The 18th century English writer and moralist Samuel Johnson once declared that patriotism was the last refuge of scoundrels.
Not anymore. Wrapping one’s self in the flag has now been replaced by claims to freedom of speech and religion.
No matter what one’s narrow-minded, bigoted or ignorant state of mind, it apparently can now be defended by citing religious beliefs or the right to speak one’s mind in any venue, no matter how offensive the speech.
I will always be on the front line in defense of the First Amendment. Any journalist, or retired journalist, would. But along with that freedom comes responsibility, and the willingness to face the consequences when that line is crossed.
The fraternity boys at the University of Oklahoma who were tossed out of school for their racist chants can now go on any street corner in America and chant to their hearts’ content. But the university has an equal right to declare that speech unacceptable on its campus.
Taking the latest step back in time were the GOP governors and Republican-dominated legislatures in Indiana and Arkansas, and the backlash was swift in coming. They paid the price in a national outrage.
The legislatures in both states passed bills supposedly protecting the religious freedom of business owners. But no matter how lawmakers tried to spin it, these were ugly and mean-spirited measures that gave businesses the right to refuse service to gays.
Discrimination – whether it’s hiding behind a misguided religious argument or a “keep out” sign – is still discrimination.
Fortunately, there are people of good sense and goodwill in both states who called the hands of Indiana Gov. Mike Pence and Arkansas Gov. Asa Hutchinson. Both states retooled legislation to ensure sexual orientation or gender identity will not be grounds for denying service.
Mayor Peter Buttigieg of South Bend, Ind., home of the University of Notre Dame, convened a meeting of local business leaders and declared that “we’ve worked too hard to grow our economy and move into the 21st century to be pulled backward into divisive social issues.”
In Arkansas, the voice of sanity came, among other places, from the state’s most powerful business interest and major campaign contributor, Wal-Mart, whose chief executive, Doug McMillon, said that “every day, in our stores, we see firsthand the benefits diversity and inclusion have on our associates, customers and communities we serve.”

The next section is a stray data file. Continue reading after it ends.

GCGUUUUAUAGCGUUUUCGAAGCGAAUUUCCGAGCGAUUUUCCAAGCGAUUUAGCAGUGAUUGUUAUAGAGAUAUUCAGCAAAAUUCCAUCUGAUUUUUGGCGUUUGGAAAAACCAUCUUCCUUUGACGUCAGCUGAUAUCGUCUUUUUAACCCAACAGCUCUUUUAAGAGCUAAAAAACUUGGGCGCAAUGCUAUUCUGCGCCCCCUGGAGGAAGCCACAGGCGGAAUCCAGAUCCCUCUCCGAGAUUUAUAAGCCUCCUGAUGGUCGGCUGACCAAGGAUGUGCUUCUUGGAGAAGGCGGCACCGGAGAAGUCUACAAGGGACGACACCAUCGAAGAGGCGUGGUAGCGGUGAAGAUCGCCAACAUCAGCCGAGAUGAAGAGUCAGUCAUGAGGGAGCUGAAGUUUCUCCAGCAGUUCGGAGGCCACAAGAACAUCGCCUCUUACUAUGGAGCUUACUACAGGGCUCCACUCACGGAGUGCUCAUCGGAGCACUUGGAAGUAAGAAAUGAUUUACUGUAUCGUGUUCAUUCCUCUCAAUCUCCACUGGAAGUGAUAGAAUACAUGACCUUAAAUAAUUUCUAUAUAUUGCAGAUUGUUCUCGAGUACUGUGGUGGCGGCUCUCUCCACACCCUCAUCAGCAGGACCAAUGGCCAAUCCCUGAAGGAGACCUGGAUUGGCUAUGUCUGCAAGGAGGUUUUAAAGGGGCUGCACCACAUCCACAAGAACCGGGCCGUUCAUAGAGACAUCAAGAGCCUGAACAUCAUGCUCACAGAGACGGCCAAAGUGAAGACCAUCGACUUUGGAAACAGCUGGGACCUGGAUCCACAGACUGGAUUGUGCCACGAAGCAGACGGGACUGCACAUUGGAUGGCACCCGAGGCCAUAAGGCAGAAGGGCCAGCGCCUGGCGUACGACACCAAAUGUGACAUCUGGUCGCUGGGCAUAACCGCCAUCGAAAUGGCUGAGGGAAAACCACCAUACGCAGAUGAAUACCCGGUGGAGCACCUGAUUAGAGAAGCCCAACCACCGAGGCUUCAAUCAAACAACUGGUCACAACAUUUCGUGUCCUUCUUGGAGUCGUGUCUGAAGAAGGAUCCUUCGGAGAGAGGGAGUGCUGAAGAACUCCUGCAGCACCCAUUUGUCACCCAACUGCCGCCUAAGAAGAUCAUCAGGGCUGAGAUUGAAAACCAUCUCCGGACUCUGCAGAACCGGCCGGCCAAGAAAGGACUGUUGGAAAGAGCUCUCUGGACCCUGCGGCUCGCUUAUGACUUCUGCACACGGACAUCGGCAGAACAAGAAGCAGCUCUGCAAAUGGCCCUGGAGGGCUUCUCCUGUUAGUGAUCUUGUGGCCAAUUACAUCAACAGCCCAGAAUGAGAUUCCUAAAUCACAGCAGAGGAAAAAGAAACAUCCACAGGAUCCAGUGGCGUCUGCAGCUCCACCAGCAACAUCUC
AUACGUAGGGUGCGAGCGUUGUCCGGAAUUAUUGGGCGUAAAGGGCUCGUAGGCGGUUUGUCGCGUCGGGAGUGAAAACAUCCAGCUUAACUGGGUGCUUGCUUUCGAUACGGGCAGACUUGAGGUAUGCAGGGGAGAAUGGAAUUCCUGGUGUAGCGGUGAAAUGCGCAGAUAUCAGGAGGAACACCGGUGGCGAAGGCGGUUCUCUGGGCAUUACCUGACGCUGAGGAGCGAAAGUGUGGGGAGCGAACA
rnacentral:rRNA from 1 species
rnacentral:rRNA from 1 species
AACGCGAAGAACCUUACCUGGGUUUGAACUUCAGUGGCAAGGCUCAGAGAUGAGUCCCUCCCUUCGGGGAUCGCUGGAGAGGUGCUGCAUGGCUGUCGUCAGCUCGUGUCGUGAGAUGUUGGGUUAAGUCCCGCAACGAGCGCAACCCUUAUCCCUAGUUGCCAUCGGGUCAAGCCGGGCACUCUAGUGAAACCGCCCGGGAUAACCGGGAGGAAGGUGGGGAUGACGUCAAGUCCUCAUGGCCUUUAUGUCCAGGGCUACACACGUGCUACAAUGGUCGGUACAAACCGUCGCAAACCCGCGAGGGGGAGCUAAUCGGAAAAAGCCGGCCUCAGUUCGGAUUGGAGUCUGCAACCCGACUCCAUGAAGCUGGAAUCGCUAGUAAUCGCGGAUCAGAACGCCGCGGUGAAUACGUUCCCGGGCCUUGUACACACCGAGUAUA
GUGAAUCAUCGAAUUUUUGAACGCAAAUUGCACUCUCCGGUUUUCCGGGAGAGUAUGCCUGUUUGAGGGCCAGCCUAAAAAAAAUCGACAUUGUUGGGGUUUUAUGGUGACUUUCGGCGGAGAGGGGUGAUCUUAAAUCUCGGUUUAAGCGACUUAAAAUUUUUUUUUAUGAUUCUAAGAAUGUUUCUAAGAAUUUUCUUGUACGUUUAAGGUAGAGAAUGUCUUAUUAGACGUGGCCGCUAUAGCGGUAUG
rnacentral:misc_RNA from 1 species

For sheer lunacy, however, one need only turn to – where else? – California. An out-of-control initiative process makes it too easy to circulate any kind of repulsive issue for the ballot. And it doesn’t get much more repulsive than the initiative proposal now being pushed by Huntington Beach lawyer Matt McLaughlin.
Boiled down to its essence, the proposal would make it legal to execute gay people with a bullet to the head or by “any other convenient method.”
Why so many on the religious or political right seem so obsessed with gays is a mystery to me. It’s enough to make one wonder about their own private lifestyles.
But McLaughlin should not be taken seriously. In fact, one might even question why he should not be arrested for advocating a conspiracy to commit a capital crime. What he proposes, as Attorney General Kamala Harris and others have said, is reprehensible, repugnant and clearly unconstitutional.
Harris has asked for a court order to relieve her from having to provide an official title and summary for the measure, which in itself is ridiculous. Something proposing that people commit a felony against people they fear and don’t understand doesn’t deserve a response of any kind and is a gross abuse of freedom of speech.
Sadly, anyone with $200 and bad intentions can file an initiative in California. Even though the odds of McLaughlin qualifying his stupidity for the ballot is remote, taxpayer dollars are being expended in little more than an exercise in hateful futility.
William Endicott is a former deputy managing editor of The Sacramento Bee.